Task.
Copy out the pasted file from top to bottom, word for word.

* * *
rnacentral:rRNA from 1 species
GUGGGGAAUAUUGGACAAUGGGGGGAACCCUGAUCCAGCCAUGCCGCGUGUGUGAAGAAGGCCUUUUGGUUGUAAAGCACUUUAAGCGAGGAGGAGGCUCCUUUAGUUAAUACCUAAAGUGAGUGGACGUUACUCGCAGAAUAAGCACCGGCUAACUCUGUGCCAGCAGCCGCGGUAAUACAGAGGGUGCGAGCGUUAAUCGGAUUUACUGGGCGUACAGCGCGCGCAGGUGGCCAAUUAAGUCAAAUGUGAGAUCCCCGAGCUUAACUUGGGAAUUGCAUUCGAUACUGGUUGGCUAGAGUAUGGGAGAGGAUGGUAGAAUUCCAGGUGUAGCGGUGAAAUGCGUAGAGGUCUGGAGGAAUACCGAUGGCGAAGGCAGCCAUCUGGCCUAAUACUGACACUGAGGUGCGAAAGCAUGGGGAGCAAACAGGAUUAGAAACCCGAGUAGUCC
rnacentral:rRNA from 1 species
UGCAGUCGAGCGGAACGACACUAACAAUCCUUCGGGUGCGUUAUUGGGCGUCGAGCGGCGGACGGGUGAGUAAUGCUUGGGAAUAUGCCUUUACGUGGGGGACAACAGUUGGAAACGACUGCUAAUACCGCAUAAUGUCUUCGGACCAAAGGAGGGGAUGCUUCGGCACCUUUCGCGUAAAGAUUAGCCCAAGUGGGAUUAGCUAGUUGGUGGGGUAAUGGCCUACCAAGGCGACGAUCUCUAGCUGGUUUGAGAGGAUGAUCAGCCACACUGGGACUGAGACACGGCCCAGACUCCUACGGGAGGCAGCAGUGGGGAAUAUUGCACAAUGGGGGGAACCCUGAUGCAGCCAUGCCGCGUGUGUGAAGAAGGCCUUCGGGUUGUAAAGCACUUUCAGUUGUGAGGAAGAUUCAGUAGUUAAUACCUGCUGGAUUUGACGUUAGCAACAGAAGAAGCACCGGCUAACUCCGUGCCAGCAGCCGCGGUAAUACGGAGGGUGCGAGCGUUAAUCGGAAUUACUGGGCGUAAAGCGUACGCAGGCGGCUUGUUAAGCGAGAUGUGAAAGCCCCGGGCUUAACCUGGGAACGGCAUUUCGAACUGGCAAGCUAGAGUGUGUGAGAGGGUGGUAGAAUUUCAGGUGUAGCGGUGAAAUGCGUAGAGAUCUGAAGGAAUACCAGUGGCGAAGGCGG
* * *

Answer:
rnacentral:rRNA from 1 species
GUGGGGAAUAUUGGACAAUGGGGGGAACCCUGAUCCAGCCAUGCCGCGUGUGUGAAGAAGGCCUUUUGGUUGUAAAGCACUUUAAGCGAGGAGGAGGCUCCUUUAGUUAAUACCUAAAGUGAGUGGACGUUACUCGCAGAAUAAGCACCGGCUAACUCUGUGCCAGCAGCCGCGGUAAUACAGAGGGUGCGAGCGUUAAUCGGAUUUACUGGGCGUACAGCGCGCGCAGGUGGCCAAUUAAGUCAAAUGUGAGAUCCCCGAGCUUAACUUGGGAAUUGCAUUCGAUACUGGUUGGCUAGAGUAUGGGAGAGGAUGGUAGAAUUCCAGGUGUAGCGGUGAAAUGCGUAGAGGUCUGGAGGAAUACCGAUGGCGAAGGCAGCCAUCUGGCCUAAUACUGACACUGAGGUGCGAAAGCAUGGGGAGCAAACAGGAUUAGAAACCCGAGUAGUCC
rnacentral:rRNA from 1 species
UGCAGUCGAGCGGAACGACACUAACAAUCCUUCGGGUGCGUUAUUGGGCGUCGAGCGGCGGACGGGUGAGUAAUGCUUGGGAAUAUGCCUUUACGUGGGGGACAACAGUUGGAAACGACUGCUAAUACCGCAUAAUGUCUUCGGACCAAAGGAGGGGAUGCUUCGGCACCUUUCGCGUAAAGAUUAGCCCAAGUGGGAUUAGCUAGUUGGUGGGGUAAUGGCCUACCAAGGCGACGAUCUCUAGCUGGUUUGAGAGGAUGAUCAGCCACACUGGGACUGAGACACGGCCCAGACUCCUACGGGAGGCAGCAGUGGGGAAUAUUGCACAAUGGGGGGAACCCUGAUGCAGCCAUGCCGCGUGUGUGAAGAAGGCCUUCGGGUUGUAAAGCACUUUCAGUUGUGAGGAAGAUUCAGUAGUUAAUACCUGCUGGAUUUGACGUUAGCAACAGAAGAAGCACCGGCUAACUCCGUGCCAGCAGCCGCGGUAAUACGGAGGGUGCGAGCGUUAAUCGGAAUUACUGGGCGUAAAGCGUACGCAGGCGGCUUGUUAAGCGAGAUGUGAAAGCCCCGGGCUUAACCUGGGAACGGCAUUUCGAACUGGCAAGCUAGAGUGUGUGAGAGGGUGGUAGAAUUUCAGGUGUAGCGGUGAAAUGCGUAGAGAUCUGAAGGAAUACCAGUGGCGAAGGCGG